1990sEdit

In 1990, Hunt appeared with Tracey Ullman and Morgan Freeman in a Wild West version of The Taming of the Shrew, at the Delacorte Theater in Central Park.[11] In 1991, Hunt starred in Trancers II, the direct-to-video sequel to Trancers (1984), and played the lead female role in the sitcom My Life and Times, which only aired for 6 episodes. In 1992, she would appear in the drama The Waterdance as a married woman having an affair with a writer; in the harem comedy Only You, as a travel agent and the love interest of a doll's house designer; in the mockumentary Bob Roberts, as Rose Pondell, a field reporter at WLNO; and in Mr. Saturday Night, as a young agent named Annie Well. Trancers III, the second sequel of the Trancers series, was among her five film releases in 1992.

 
Hunt signs autographs for fans outside the 1994 Emmy Awards rehearsal

Hunt came to prominence in North America with the successful sitcom Mad About You (1992–99), in which she starred opposite Paul Reiser, as a public relations specialist and one half of a couple in NYC. She went on to win Emmy Awards for her performances in 1996, 1997, 1998, and 1999.[7] For the show's final season, Reiser and Hunt received $1 million ($1.5 million today) per episode.[12] She directed several episodes of Mad About You, including the series finale.

In 1995, Hunt played the wife of an ex-con living in Queens, alongside Nicolas Cage, in Kiss of Death, a very loosely based remake of the 1947 film noir classic of the same name. In the disaster action film Twister (1996), Hunt starred with Bill Paxton as storm chasers researching tornadoes. Both actors were temporarily blinded by bright electronic lamps halfway through filming, and needed hepatitis shots after shooting in a particularly unsanitary ditch. Twister was the second-highest-grossing film of 1996 domestically, with an estimated 54,688,100 tickets sold in the US. It made US$494.5 million around the globe.[13]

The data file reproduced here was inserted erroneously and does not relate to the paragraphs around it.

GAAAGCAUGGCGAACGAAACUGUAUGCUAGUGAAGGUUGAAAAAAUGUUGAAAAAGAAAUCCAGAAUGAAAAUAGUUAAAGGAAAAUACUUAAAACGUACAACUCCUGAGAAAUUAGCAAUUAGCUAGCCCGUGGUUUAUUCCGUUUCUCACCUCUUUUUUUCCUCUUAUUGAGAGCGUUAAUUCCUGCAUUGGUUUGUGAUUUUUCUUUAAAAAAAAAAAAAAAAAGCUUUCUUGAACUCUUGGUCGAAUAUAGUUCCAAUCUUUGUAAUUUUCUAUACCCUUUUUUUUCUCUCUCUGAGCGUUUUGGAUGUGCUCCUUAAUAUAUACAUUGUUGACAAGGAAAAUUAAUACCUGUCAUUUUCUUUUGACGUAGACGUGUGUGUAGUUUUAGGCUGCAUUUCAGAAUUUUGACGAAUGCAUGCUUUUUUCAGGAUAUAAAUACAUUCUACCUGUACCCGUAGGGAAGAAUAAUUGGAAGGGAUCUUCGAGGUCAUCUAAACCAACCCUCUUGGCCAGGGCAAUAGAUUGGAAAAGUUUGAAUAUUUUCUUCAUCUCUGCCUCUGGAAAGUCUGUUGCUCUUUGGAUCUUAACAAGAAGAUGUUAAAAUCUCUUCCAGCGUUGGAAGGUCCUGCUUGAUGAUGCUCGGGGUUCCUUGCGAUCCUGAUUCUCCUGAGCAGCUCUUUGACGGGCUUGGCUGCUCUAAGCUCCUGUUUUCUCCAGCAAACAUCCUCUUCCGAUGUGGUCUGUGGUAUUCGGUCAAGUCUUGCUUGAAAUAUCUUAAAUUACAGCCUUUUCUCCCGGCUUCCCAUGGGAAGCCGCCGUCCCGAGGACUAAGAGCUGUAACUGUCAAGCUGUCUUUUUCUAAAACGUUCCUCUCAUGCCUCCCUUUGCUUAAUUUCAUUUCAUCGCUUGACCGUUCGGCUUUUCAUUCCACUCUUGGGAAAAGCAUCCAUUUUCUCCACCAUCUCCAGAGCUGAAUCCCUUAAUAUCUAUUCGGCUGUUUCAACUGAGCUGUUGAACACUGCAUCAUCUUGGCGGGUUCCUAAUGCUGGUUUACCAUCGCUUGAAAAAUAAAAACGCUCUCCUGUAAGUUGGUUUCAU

Hunt went on to win the Academy Award for Best Actress in the romantic comedy As Good as It Gets (1997), in which she took on the role of a waitress and single mother who finds herself falling in love with a misanthropic obsessive-compulsive romance novelist, played by Jack Nicholson.[7] Hunt and Nicholson got along well during the filming, and they connected immediately: "It wasn't even what we said", Hunt added. "It was just some frequency we both could tune into that was very, very compatible."[14] Author and screenwriter Andrew Horton described their on-screen relationship as being like "fire and ice, oil and water— seemingly complete opposites".[15] Nonetheless, Hunt was Nicholson's perfect counterpart, and delivered "a simply stunning performance", wrote critic Louise Keller. The film was a tremendous box office success, grossing US$314 million worldwide.[16] In 1998, she played the love interest of Moe Szyslak on The Simpsons episode "Dumbbell Indemnity", and played Viola in Shakespeare's Twelfth Night, at Lincoln Center in New York.[17]

2000sEdit

Two of Hunt's four film releases in 2000 —the comedy Dr. T & the Women and the drama Pay It Forward— were both released in October. While the first featured her as one of the women that encompass the everyday life of a wealthy gynecologist, opposite Richard Gere, the second starred her as the love interest of a physically and emotionally scarred grade school teacher, played by Kevin Spacey. Critic Roger Ebert highlighted her performance in Pay It Forward, despite finding the film itself to be "too emotionally manipulative".[18] Her other two 2000 films —the romantic comedy What Women Want, and the drama Cast Away— were released in December, to outstanding box office receipts. In What Women Want, Hunt starred with Mel Gibson as the co-worker and love interest of a Chicago executive, and in Cast Away, she portrayed the long-term girlfriend of a FedEx employee marooned on an uninhabited island, alongside Tom Hanks.